If you’re looking for a happy autumn read, then Hunger ain’t it. Set in Oslo before it was Oslo, a writer starves in the presence of plenty – the fragility of the human condition laid bare in a bleak and bizarre narrative of want. Pride and social conventions fight a losing battle with the need for food, and combine to create a sort of gallows humour that makes the reading bearable.
This is a desperate novel, in that you can feel the presence of a ticking clock whilst you read it. How long can the main character survive this time without a meal? How long before the onset of the madness, that separates the protagonist from his surroundings and alienates the reader? How much longer can you continue to read this twisted mess before the misery of it overwhelms you?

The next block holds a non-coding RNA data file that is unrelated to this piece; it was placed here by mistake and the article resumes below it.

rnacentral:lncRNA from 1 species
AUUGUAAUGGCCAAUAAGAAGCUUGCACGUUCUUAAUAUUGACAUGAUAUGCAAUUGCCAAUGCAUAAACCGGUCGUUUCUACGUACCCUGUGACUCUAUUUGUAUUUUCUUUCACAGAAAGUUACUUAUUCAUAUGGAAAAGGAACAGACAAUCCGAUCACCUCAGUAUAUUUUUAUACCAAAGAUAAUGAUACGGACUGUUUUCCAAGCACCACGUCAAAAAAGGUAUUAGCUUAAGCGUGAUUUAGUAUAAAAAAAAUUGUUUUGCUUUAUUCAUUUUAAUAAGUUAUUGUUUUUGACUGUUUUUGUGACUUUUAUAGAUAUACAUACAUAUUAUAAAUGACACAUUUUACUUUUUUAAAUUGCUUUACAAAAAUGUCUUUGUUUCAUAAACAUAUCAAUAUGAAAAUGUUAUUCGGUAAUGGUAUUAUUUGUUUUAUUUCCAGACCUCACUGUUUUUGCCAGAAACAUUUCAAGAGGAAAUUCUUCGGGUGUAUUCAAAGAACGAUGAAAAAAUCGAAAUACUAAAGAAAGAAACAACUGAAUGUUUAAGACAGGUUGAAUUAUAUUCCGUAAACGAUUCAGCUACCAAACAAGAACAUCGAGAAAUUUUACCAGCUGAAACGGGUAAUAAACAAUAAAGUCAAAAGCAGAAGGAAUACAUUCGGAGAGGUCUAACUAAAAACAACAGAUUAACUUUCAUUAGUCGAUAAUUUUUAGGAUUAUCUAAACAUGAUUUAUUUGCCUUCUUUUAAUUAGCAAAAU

Knut Hamsun’s semi-autobiographical novel inspired the likes of Kafka and Hemingway with its groundbreaking psychological exploration of starvation, and is a fascinating if somewhat depressing read. Not to be read with a Mars Bar.
[Louise Wylie – @WomanPendulum]